Re: Language inference tool ?

glen herrmannsfeldt <>
Thu, 2 Dec 2010 21:59:34 +0000 (UTC)

          From comp.compilers

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From: glen herrmannsfeldt <>
Newsgroups: comp.compilers
Date: Thu, 2 Dec 2010 21:59:34 +0000 (UTC)
Organization: A noiseless patient Spider
References: 10-11-040 10-12-003
Keywords: parse, tools
Posted-Date: 03 Dec 2010 08:00:58 EST

Torben Fgidius Mogensen <> wrote:
> Vivien Parlat <> writes:

>> My job requires me to work with a no-more-supported and unknown
>> language. I'm considering the idea of building tools in order to
>> facilitate the work with it, but defining its grammar manually could
>> be very tedious.


> Grammar inference will not give you anything useful.

That was my first thought, but then I wasn't so sure.

For one, the usual programming languages use only a small subset of
the possible grammars. With the appropriate limitations, it might be
possible to get a good start on one.

> If you only show positive examples, the simplest grammar is the one
> that accepts any text string, and the most precise is the one that
> accepts the examples and nothing else.

OK, consider trying to find the C grammar from a reasonably sized
sample of C code. Most likely, it wouldn't be able to separate
library calls from statements, but maybe that isn't so bad.
Otherwise, it is statistical. If a certain word appears many times at
the beginning of a statement (line?) then it is likely a statement
keyword. In between the two limits, there are some that are likely to
accept other valid examples, and less likely to accept ones that
aren't valid.

> Anything in between these two extremes is extremely difficult to
> define, and I know of no tool that will give a useful result,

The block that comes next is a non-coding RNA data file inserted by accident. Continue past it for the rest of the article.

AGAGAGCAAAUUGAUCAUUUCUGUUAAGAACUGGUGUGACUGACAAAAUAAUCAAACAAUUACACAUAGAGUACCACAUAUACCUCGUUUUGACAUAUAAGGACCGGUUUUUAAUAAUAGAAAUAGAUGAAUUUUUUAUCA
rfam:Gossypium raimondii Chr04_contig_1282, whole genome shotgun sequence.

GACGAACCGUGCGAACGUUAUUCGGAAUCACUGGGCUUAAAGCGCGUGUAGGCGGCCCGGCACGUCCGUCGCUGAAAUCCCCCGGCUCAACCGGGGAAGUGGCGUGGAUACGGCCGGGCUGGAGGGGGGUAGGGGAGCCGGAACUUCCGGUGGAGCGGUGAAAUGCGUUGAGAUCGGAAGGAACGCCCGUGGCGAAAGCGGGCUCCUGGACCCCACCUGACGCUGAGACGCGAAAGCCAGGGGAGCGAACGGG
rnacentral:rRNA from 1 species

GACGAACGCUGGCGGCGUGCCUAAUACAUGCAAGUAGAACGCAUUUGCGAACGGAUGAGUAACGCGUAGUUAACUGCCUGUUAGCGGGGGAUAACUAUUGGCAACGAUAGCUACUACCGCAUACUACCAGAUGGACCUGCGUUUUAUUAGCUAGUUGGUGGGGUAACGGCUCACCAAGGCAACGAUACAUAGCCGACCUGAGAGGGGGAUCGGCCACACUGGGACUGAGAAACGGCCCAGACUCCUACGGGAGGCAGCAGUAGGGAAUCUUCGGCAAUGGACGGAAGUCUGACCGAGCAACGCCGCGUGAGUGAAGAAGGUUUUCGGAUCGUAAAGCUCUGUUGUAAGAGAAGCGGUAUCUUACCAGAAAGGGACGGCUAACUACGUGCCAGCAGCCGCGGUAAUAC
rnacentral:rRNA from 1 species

> especially if the grammar is inherently large.

Large is a problem, but that is exactly the case where an automated
system is most useful. How about COBOL for an example? How hard
would it be to extract the COBOL grammer from sample code? Is the
extraction program allowed to know that blanks are significant, and
that keywords are reserved? The more hints, the better the result is
likely to be.

> Also, even if you manage to infer a grammar, this will only give you
> a recognizer for valid programs but not any useful structure, as the
> inferred grammar is likely to be highly ambiguous. Making it
> unambiguous requires expert knowledge on par with what is required to
> write a grammar from scratch.

Well, consider it in the way that OCR was not so long ago. (and
likely still is). It isn't perfect, but sometimes editing the output
of OCR is easier than typing it all by hand. The statistics (types of
mistakes) are different, though.

> So while grammar inference may be of theoretical interest, it is not
> useful for writing grammars for programming languages.

How about just a verifier, for a hand written grammar? One could
start writing, then have a program show some statements that it
doesn't accept, to be added by hand. Iterate until good enough.

But another question is, what does one want to do with the result?

If one wants a syntax verifier, then the problem is somewhat
easier than needed for a compiler. For example, a compiler is
usually expected to generate a parse tree with the appropriate
operator precedence already included. A verifier just needs
to verify that the input can be parsed, but doesn't need to
know about precedence. It does seem unlikely that an automated
system would extract precedence from sample input.

Many years ago I used the BNF description of Fortran in the IBM
manual for a Fortran syntax verifier. I don't remember it being
in the compiler manuals (Program Logic Manuals), but it was in
the Syntax Verifier manual. But syntax verifiers aren't used
much anymore.

> It will probably be more useful to try to uncover documentation for the
> language. If you don't know its name or anything, you could try to post
> an example of code on comp.languages.misc and see if anyone recognizes
> it.

-- glen

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